The clustering (e.g. refs : NB2008903-06) gives support to the idea of a seasonality in plastering work in 1860s Bradford and when Ripley Ville was built. This may feed into judgements about the phases and time periods during which the building of the Workmen’s houses was taken forward.
4 (i) H W Ripley as landlord
H W Ripley’s ownership of domestic property extended to cottages, some of which were built as a speculation by his father Edward Ripley, ‘John Wood and others’, in proximity to St James church towards the bottom of Manchester Road. The properties, near Adelaide Street, had been held by the family from before the time of the Chartist riot of 1848. The riot culminated in the decisive confrontation of Chartists, who took refuge in Adelaide Street and the mix of police, volunteers and dragoons who sought to arrest them. Living conditions in neighbouring properties, in Nelson Court, had been identified as some of the most objectionable in the Woolcombers Report of the early 1840s and their inhabitants recorded as in abject destitution. There is, however, some reason to believe that Edward Ripley may have been a more compassionate man than his son. He may also have been, at least initially, more dependent on the rents. The listings of 26 properties in March 1868 (ref : NB2012001) also include cottages on Mill Lane owned by H W Ripley. The rentals were between £5 to £9 a year. This is cottage property at the lower but not lowest end of the rental market. Another document identifies a further 4 properties on Birch Lane. So at the same time as he was having model housing built Ripley was retaining ownership and extracting rents for domestic property of an earlier build and lesser standard.
The significance of the findings is in its confirmation of Henry Wm Ripley’s power, as an intending electoral candidate. This was diffused through a broad swathe of the West-end of Bowling. (3) Almost hydra-headed it extended down; to those of the lower orders renting houses, those securing a supply of gas or water to their homes, or seeking employment directly with Edward Ripley & Son or through them. Above this it extended to those entrepreneurs or small manufacturers seeking workspace, motive power and associated utilities (water and gas) in Ripleys Mills. The largesse, from H W Ripley’s ‘superfluity’, that aided the building of schoolrooms, churches and chapels and larger contributions to Bradford Infirmary, its Mechanics Institute, all of which also saw him invited as benefactor to many social gatherings, added gloss to that power.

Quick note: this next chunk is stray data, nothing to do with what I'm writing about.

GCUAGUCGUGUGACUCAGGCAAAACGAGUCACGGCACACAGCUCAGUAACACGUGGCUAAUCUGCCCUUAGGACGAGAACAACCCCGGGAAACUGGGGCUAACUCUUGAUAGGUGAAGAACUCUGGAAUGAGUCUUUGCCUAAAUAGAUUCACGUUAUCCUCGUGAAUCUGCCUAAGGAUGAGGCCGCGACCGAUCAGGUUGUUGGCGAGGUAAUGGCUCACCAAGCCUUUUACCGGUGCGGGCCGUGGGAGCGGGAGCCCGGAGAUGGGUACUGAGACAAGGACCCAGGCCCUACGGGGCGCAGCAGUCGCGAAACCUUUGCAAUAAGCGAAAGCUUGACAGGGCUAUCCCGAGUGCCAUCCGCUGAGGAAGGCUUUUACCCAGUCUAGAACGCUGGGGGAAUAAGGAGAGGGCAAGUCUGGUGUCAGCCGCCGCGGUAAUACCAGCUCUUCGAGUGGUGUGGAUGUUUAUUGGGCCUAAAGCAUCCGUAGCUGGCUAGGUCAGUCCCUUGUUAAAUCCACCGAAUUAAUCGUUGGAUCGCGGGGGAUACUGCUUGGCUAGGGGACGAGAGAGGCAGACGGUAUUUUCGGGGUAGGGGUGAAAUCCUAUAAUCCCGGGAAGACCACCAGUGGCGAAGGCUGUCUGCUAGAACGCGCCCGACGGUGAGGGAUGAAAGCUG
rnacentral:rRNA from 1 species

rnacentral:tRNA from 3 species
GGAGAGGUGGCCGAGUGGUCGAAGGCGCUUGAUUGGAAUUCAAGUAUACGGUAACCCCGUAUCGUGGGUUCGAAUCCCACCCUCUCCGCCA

4 (ii) Population, property & development in Victorian west Bowling
The range of documents so far consulted provide sample information on people and their property in west Bowling and of landlords and in some cases tenants for e.g. Manchester Road, Bowling Old Lane, Birch Lane, Caledonia Street, Mill Lane, Hall Lane, Bailey Street, Ellen Street & Lavinia Street, It also helps to map new building developments like those of Calcutta Street and Tennant Street in what became known as Little India in west Bowling (refs : NB2013802&03 and NB2011803).
Other complimentary information is available from the Burgess Rolls for Bowling (ref : BB 001-091).
4 & 5 Water use and life in Worstedopolis and west Bowling
Of a morning – and through the night – some parts of Victorian Bradford would have smelled strongly of smoke-houses and herrings variously prepared for that day’s customers. In other parts the air would carry the smell from the hops, malt and barley of its small brewhouses like that of George Crabtree, described as a ‘publican’, ‘Broomfields’ and using water for ‘brewing’ (ref : NB2009402). (4)
In yet other places the washing down of horses and hansom cabs and carriages would have been witnessed daily. Consumption of the town’s water had to be monitored. When it was agreed to supply free water to a drinking fountain on Vicar Lane it was to be done ‘in a manner satisfactory to the [Bradford] Waterworks Manager’ (ref : NB2004505).
Victorian west Bowling
Nearer Ripley Ville, on Caledonia Street, E P Duggan had a piggery and stables with three horses (ref : NB2007303). B Berry & Sons on Hall Lane was registered for use of a ‘washhand basin and fire hose’. The above were relatively small consumers. None had a metered supply like the Soapworks of Benjamin Murgatroyd on his Woodroyd estate (ref : NB2011802) or John Baxandall at his farmhouse on Bowling Old Lane. Below both of these were the individual consumers and their household, like Francis Lee at 1 Bailey St in March 1868 or the shop with living quarters like that of W Appleyard on Ellen St (ref : NB2013004)
Samuel Pearson & Son
At different periods, Samuel Pearson & Son provide examples of all three types of water supply and use. At the ‘New Seven Stars in Bowling’ they had a metered supply for the purpose of ‘Lime Blacking’ (ref : NB2011402) Their offices and stables off Mill Lane and where, in early 1868, they kept 7 horses and a two-wheel carriage were unmetered (ref : NB2012203). It is unclear how water was made available to their brickworks just south of Mill Lane (see map).
In 1871, George Pearson, the son who would take over the Pearson’s firm of building contractors, was living on Hall Lane, just up the road from these offices and works in Broomfields. The house was probably 233 Hall Lane and within sight of the new church of St Bartholomew begun in that year. His well appointed house had both a water-closet and bath (ref : NB2008705).
Earlier, in 1868, he was paying rates of £24 per annum for a house, without such amenities on Upper Lavinia Street within site of what by then was built or being built on Ripley Ville’s northern site.